From every Friday at sunset until nightfall Saturday, Orthodox Jews “do not drive, use electronic devices, employ handwriting instruments (e.g. pens, pencils), among other prohibited activities,” the rabbis wrote. “As such, it would be impossible for Jews of faith to vote in your unassembled convention.”
Jews voting absentee could list rabbis as references to verify their religious obligation, wrote the four: Rabbi Sender Haber of B’nai Israel Congregation in Norfolk; Rabbi Dovid Asher of Keneseth Beth Israel in Richmond; Rabbi Aaron Margolin of Chabad Lubavitch of Tidewater in Norfolk; and Rabbi Leibel Fajnland of Chabad Lubavitch of Reston and Herndon.
But the state GOP’s governing body — which was bitterly divided for months over whether to hold a primary or convention, and is torn over how to tally convention ballots — rejected the rabbis’ request at a meeting Thursday night. After emotional debate, a narrow majority of State Central Committee members voted in favor of allowing absentee voting for religious reasons, but the measure failed to win the 75 percent supermajority needed to change the party rules.
“My God, this is why people say we are not inclusive!” Thomas Turner, chairman of the Virginia’s Young Republicans and one of the committee’s few Black members, shouted during the debate. “I’ve been fighting for inclusivity for the last decade in this party. . . . This is shameful. Let my brothers and sisters in the Jewish community vote. We talk about voter integrity and we’re trying to suppress the vote.”
But Mike Ginsberg, a committee member who is Jewish, pushed back — objecting, he said, because the rabbis raised the issue too close to the convention date. Three of the rabbis wrote to Anderson on April 5, about a month before the convention. The fourth, Fajnland, signed onto the letter after it was sent, on April 18.
“To accuse anyone voting against this of being closed-minded or unfriendly to the Jewish faith — they’re my coreligionists,” Ginsberg said in the meeting. “This is not bigotry. … Here we are, two weeks out, trying to deal with this. My view, it’s too late.”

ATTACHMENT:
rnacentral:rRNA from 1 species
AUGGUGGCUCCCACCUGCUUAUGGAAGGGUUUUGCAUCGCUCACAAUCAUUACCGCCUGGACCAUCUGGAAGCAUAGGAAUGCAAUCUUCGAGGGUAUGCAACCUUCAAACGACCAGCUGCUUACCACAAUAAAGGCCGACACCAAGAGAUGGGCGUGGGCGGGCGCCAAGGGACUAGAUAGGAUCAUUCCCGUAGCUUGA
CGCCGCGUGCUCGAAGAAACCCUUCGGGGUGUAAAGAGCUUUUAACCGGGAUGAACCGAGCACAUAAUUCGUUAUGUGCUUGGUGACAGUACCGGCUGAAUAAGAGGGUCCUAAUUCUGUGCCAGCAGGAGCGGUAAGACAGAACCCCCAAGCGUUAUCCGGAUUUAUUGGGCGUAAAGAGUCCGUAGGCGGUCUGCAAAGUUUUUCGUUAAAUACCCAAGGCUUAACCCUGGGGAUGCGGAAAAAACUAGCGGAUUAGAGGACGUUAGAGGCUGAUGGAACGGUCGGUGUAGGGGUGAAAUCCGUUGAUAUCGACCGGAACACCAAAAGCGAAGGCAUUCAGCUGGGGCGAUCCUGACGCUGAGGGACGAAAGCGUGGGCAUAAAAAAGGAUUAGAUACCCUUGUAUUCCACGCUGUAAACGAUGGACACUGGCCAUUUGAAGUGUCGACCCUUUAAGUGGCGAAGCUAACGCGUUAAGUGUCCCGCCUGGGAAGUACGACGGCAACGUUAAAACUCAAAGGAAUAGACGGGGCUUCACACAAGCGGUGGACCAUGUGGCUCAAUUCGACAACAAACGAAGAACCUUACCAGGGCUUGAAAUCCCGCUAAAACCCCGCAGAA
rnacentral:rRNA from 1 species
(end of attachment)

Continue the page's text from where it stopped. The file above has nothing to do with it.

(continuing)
Ken Reid says he is one of about 15 Orthodox Jews in Norfolk who had signed up to serve as a voting delegate at the convention.
“Orthodox Jews by overwhelming majorities vote Republican, and are staunch Trump supporters, [conservative] values voters, and 2nd amendment backers. But Shabbat is our most important holiday,” Reid wrote this week on the Bull Elephant, a conservative blog.
Reid, while disappointed with the committee’s decision, did not attribute it to anti-Semitism.
“It’s not anti-Semitism, it’s anti-realism,” he said. “There’s a hardcore number of people who want to keep this a small tent. They really don’t see a need [to expand]. They say they want everybody to vote, but they don’t do anything to do it. . . . And they don’t understand we’re getting killed in elections.”
Anderson was traveling Friday and was not immediately available for comment. A spokesman for the state GOP did not immediately respond to a request for comment.
Seven Republicans are seeking their party’s gubernatorial nomination: state Sen. Amanda F. Chase (Chesterfield); Del. Kirk Cox (Colonial Heights), a former House speaker; retired Army Col. Sergio de la Peña; former think tank executive Peter Doran; businessman Pete Snyder; former Carlyle Group executive Glenn Youngkin; and former Roanoke sheriff Octavia Johnson.
Several of them — Cox, Doran, Snyder and Youngkin — tweeted that they were disappointed with the committee’s decision, noting that the GOP often promotes itself as the party of religious freedom.
Former Republican congressman Denver Riggleman, who lost his reelection bid in a nominating convention last year, called the decision “ludicrous and bigoted” on Twitter.
“Low IQ insanity from those in Virginia GOP ruling against allowing Jewish voting exemptions for a convoluted convention that disenfranchises hundreds of thousands,” he tweeted. “VA GOP is diseased.”